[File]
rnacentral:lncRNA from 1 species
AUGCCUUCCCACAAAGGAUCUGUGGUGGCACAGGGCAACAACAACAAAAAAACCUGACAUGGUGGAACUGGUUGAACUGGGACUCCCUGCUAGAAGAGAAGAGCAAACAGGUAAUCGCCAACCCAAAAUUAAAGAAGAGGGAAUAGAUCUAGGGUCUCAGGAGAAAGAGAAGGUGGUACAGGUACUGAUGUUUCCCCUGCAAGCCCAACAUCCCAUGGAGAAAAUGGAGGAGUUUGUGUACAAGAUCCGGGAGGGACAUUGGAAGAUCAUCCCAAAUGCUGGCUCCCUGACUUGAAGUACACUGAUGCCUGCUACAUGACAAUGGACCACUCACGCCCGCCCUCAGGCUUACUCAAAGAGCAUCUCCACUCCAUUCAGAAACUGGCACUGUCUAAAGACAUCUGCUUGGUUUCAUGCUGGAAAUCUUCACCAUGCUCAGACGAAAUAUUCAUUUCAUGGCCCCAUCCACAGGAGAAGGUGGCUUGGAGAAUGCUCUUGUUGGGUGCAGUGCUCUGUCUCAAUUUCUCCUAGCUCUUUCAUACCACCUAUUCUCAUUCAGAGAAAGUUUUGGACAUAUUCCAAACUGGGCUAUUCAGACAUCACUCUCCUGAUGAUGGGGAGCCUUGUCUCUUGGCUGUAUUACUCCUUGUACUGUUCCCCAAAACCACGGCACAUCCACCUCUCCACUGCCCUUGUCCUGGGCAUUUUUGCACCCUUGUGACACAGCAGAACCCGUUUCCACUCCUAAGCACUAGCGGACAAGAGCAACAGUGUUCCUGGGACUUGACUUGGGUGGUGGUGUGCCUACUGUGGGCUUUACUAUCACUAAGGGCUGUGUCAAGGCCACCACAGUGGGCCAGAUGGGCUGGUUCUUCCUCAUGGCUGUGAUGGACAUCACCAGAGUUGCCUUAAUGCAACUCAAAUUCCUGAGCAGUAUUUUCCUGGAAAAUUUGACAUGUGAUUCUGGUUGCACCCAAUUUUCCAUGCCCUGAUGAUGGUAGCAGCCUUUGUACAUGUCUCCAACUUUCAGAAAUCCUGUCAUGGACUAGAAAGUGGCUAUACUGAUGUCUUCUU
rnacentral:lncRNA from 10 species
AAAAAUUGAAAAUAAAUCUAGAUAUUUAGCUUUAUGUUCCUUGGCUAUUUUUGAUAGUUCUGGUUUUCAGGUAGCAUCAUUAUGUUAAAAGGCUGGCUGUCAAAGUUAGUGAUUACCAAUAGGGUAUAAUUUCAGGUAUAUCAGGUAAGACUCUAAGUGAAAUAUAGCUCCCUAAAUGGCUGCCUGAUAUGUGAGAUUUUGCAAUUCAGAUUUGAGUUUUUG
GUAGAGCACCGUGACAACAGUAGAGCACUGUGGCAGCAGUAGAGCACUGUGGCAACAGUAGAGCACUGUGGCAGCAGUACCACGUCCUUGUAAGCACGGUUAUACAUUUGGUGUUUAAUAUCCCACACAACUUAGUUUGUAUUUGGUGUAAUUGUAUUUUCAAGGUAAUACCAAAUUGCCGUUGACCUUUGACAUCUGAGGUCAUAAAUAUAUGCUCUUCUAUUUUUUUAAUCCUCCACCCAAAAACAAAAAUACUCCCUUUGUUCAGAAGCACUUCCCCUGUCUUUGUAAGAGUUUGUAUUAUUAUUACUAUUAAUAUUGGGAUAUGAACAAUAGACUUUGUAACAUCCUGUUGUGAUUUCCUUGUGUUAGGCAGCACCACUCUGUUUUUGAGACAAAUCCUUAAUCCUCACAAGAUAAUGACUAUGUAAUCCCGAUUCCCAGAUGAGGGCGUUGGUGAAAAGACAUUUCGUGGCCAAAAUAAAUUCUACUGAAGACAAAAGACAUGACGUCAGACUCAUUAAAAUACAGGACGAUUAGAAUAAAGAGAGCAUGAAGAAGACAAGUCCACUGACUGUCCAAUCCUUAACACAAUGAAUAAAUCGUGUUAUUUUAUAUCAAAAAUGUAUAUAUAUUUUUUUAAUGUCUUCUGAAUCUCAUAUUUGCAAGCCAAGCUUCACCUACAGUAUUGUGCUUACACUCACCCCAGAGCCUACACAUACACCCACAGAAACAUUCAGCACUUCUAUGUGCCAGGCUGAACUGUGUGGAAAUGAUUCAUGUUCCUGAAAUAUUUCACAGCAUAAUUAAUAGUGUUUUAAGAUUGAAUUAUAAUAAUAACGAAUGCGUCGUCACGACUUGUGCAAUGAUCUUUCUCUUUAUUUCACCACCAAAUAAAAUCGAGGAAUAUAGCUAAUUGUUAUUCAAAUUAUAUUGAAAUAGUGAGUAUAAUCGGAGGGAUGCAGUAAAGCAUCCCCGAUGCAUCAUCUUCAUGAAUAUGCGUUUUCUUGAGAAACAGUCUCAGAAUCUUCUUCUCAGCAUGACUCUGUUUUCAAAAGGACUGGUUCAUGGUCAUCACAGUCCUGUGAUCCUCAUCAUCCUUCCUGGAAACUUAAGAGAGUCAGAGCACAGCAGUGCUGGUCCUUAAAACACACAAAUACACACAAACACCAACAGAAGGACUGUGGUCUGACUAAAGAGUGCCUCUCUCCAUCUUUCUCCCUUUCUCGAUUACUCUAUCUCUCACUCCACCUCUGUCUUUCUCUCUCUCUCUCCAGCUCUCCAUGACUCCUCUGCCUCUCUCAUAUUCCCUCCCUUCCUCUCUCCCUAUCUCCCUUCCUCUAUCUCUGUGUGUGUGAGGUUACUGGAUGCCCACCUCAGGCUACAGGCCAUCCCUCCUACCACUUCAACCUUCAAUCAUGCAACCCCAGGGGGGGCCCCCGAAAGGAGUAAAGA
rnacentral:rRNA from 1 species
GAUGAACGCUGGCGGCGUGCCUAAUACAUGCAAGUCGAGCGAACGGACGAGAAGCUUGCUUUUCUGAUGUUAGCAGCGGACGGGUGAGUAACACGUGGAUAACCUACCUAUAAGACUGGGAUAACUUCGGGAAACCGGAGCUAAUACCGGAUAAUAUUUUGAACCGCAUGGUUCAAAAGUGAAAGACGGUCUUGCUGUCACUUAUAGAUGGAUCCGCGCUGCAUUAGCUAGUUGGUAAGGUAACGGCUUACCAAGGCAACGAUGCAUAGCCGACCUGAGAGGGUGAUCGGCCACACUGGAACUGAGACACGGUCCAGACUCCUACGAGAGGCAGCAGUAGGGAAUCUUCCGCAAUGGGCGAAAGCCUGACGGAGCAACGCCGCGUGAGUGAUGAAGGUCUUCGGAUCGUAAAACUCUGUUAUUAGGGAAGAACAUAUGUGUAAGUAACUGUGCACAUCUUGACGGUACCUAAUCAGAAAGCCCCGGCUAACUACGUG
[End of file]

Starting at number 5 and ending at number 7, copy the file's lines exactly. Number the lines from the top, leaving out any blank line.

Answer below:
GUAGAGCACCGUGACAACAGUAGAGCACUGUGGCAGCAGUAGAGCACUGUGGCAACAGUAGAGCACUGUGGCAGCAGUACCACGUCCUUGUAAGCACGGUUAUACAUUUGGUGUUUAAUAUCCCACACAACUUAGUUUGUAUUUGGUGUAAUUGUAUUUUCAAGGUAAUACCAAAUUGCCGUUGACCUUUGACAUCUGAGGUCAUAAAUAUAUGCUCUUCUAUUUUUUUAAUCCUCCACCCAAAAACAAAAAUACUCCCUUUGUUCAGAAGCACUUCCCCUGUCUUUGUAAGAGUUUGUAUUAUUAUUACUAUUAAUAUUGGGAUAUGAACAAUAGACUUUGUAACAUCCUGUUGUGAUUUCCUUGUGUUAGGCAGCACCACUCUGUUUUUGAGACAAAUCCUUAAUCCUCACAAGAUAAUGACUAUGUAAUCCCGAUUCCCAGAUGAGGGCGUUGGUGAAAAGACAUUUCGUGGCCAAAAUAAAUUCUACUGAAGACAAAAGACAUGACGUCAGACUCAUUAAAAUACAGGACGAUUAGAAUAAAGAGAGCAUGAAGAAGACAAGUCCACUGACUGUCCAAUCCUUAACACAAUGAAUAAAUCGUGUUAUUUUAUAUCAAAAAUGUAUAUAUAUUUUUUUAAUGUCUUCUGAAUCUCAUAUUUGCAAGCCAAGCUUCACCUACAGUAUUGUGCUUACACUCACCCCAGAGCCUACACAUACACCCACAGAAACAUUCAGCACUUCUAUGUGCCAGGCUGAACUGUGUGGAAAUGAUUCAUGUUCCUGAAAUAUUUCACAGCAUAAUUAAUAGUGUUUUAAGAUUGAAUUAUAAUAAUAACGAAUGCGUCGUCACGACUUGUGCAAUGAUCUUUCUCUUUAUUUCACCACCAAAUAAAAUCGAGGAAUAUAGCUAAUUGUUAUUCAAAUUAUAUUGAAAUAGUGAGUAUAAUCGGAGGGAUGCAGUAAAGCAUCCCCGAUGCAUCAUCUUCAUGAAUAUGCGUUUUCUUGAGAAACAGUCUCAGAAUCUUCUUCUCAGCAUGACUCUGUUUUCAAAAGGACUGGUUCAUGGUCAUCACAGUCCUGUGAUCCUCAUCAUCCUUCCUGGAAACUUAAGAGAGUCAGAGCACAGCAGUGCUGGUCCUUAAAACACACAAAUACACACAAACACCAACAGAAGGACUGUGGUCUGACUAAAGAGUGCCUCUCUCCAUCUUUCUCCCUUUCUCGAUUACUCUAUCUCUCACUCCACCUCUGUCUUUCUCUCUCUCUCUCCAGCUCUCCAUGACUCCUCUGCCUCUCUCAUAUUCCCUCCCUUCCUCUCUCCCUAUCUCCCUUCCUCUAUCUCUGUGUGUGUGAGGUUACUGGAUGCCCACCUCAGGCUACAGGCCAUCCCUCCUACCACUUCAACCUUCAAUCAUGCAACCCCAGGGGGGGCCCCCGAAAGGAGUAAAGA
rnacentral:rRNA from 1 species
GAUGAACGCUGGCGGCGUGCCUAAUACAUGCAAGUCGAGCGAACGGACGAGAAGCUUGCUUUUCUGAUGUUAGCAGCGGACGGGUGAGUAACACGUGGAUAACCUACCUAUAAGACUGGGAUAACUUCGGGAAACCGGAGCUAAUACCGGAUAAUAUUUUGAACCGCAUGGUUCAAAAGUGAAAGACGGUCUUGCUGUCACUUAUAGAUGGAUCCGCGCUGCAUUAGCUAGUUGGUAAGGUAACGGCUUACCAAGGCAACGAUGCAUAGCCGACCUGAGAGGGUGAUCGGCCACACUGGAACUGAGACACGGUCCAGACUCCUACGAGAGGCAGCAGUAGGGAAUCUUCCGCAAUGGGCGAAAGCCUGACGGAGCAACGCCGCGUGAGUGAUGAAGGUCUUCGGAUCGUAAAACUCUGUUAUUAGGGAAGAACAUAUGUGUAAGUAACUGUGCACAUCUUGACGGUACCUAAUCAGAAAGCCCCGGCUAACUACGUG